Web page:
740,000 seed samples and eventually it may house every crop seed ever used by a human being.
Impact of monoculture crops
Henrietta Moore makes the anthropological observation that growing different crops are having a significant socio-cultural impact on the lives of people that have been plugged into the global agro-industrial market. Traditionally, they lived different lives around the seasonality of their local crops.
Additionally, the environmental impact has been profound. While the area of farmed lands has not increased significantly in recent times, the production of the efficiency has been changing with increases in technology and science. The last 50 years of developments are believed to have directly contributed to the annual increase of CO2 cycles. The growth cycles of these crops are impacting the climate with as much as a 25% seasonal increase in Carbon Dioxide.
Crops are like a giant sponge that can absorb and release carbon dioxide into the air and because the production of crops in the Northern Hemisphere has grown by 240 percent since the 1960’s this CO2-absorbing-sponge has gotten bigger. Thus, it can hold and release more gas.
These environmental and climatic changes are having a direct impact on the pollination of wild and cultivated crops. This effects biodiversity as crops need pollination to propagate.
A rapidly increasing human population will reduce the amount of natural habitats through an increasing demand for food-producing areas, urbanization and other land-use practices, putting pressure on the ecosystem service delivered by wild pollinators
Animal pollination of both wild and cultivated plant species is under threat as a result of multiple environmental pressures acting in concert.
There are frequent concerns over the unexplained deaths of honeybees on such a consistent basis
Beekeepers are seeing unusually high numbers of their bees die this year, prompting concerns about the health of crops that depend on the insects, and about the future of the beekeeping industry in America itself.
The focus on the big three crops is also having an impact on soil health, as the natural biome of soil is resulting in a detrimental way. The usual approach of keeping soil healthy is by rotating crops to maintain the ‘nutritional’ content of the soil chemistry.
Impact of Crop Fashion
With the Northern hemisphere creating the demand for crops, there is often an impact from food trends creating an unbalance in the marketplace for the diversity of crops.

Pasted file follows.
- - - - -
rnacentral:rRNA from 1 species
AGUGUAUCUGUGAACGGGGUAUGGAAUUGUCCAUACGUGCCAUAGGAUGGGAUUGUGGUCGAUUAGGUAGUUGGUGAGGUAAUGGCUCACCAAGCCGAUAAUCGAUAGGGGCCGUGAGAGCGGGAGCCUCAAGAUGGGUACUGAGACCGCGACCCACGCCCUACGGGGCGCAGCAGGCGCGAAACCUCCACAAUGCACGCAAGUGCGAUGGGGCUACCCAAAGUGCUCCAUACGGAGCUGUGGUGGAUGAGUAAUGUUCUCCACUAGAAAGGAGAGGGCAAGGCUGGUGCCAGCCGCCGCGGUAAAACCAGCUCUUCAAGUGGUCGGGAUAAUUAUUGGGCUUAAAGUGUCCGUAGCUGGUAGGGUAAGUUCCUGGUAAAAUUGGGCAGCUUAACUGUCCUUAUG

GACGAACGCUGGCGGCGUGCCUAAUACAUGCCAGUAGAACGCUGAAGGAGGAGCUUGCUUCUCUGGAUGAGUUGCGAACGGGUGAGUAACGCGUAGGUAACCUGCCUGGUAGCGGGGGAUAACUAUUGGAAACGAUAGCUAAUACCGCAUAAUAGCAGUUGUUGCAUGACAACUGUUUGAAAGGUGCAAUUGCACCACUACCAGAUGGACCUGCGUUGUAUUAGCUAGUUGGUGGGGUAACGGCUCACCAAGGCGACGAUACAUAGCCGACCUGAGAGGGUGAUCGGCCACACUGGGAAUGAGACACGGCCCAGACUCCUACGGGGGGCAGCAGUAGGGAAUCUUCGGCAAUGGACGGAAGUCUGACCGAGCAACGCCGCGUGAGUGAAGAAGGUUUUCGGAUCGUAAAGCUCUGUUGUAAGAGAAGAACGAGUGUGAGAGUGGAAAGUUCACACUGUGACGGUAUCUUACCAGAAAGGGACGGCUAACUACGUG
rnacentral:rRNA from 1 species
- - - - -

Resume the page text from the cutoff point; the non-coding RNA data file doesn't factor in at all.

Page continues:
A recent example of this is McDonald’s decision to become a late-adopter to the Kale food trend to bolster its relevance:
‘Historically, when McDonald’s adopts a new produce item, it ends up becoming a kingpin in that market. Just two years after adding Apple Dippers to the menu in the early aughts, McDonald’s was buying 54 million pounds of fresh Gala apples each year—more than enough to make it the country’s biggest buyer and seller of the crisp fruit. The burger chain had similar effects at various times on grape tomatoes, edamame, and English cucumbers; it took McDonald’s two years to build a supply chain for cucumbers when it decided to include the crispy veggie to its McWrap. The chain told Bloomberg Businessweek it expected to use about 6 million pounds of cucumber in 2013, its first year selling the item.
Recent agricultural waves have been made by: coconut products, Chia boom: ‘With 239% growth, chia category set to hit $1 bn by 2020’ ; and Quinoa amongst others. Often these crops supplant others in the global market, displacing local produce and changing the environment in ways that are only now becoming apparent.
Eat what’s on your plate
There doesn’t appear to be an easy way out of the spiral. It’s only been around 250 years since Lord Sandwich ‘created’ a food that has been eponymous with western diets from sandwiches, to sliders and burgers. However, this is not a long time from an anthropological perspective in defining how we eat. We haven’t always eaten the way we do.
The popularity of the big three gains also comes from other dimensions I haven’t discussed here such as biofuels, fillers and other derivative products.
The hope is that the local-food trends will continue and more people will identify with being locavores. Additionally, there will be a deeper understanding of the health benefits of eating seasonal food. With a wider consumer understanding of these benefits, this will lead supermarkets to change what they sell to meet this new trend.
Supermarkets though are not the problem here. Increasingly, as part of the foodie trend, we digest food books from a global palate and contribute to the market reality that we want everything, as our latest recipe demands it. The global nature of the internet and the exciting world of cooking is that its demands our outside of nature and seasonal growth.
Consciously eating seasonal foods and cooking from seasonal recipes is a very simple way of contributing to changing the demand and supply of unseasonal produce.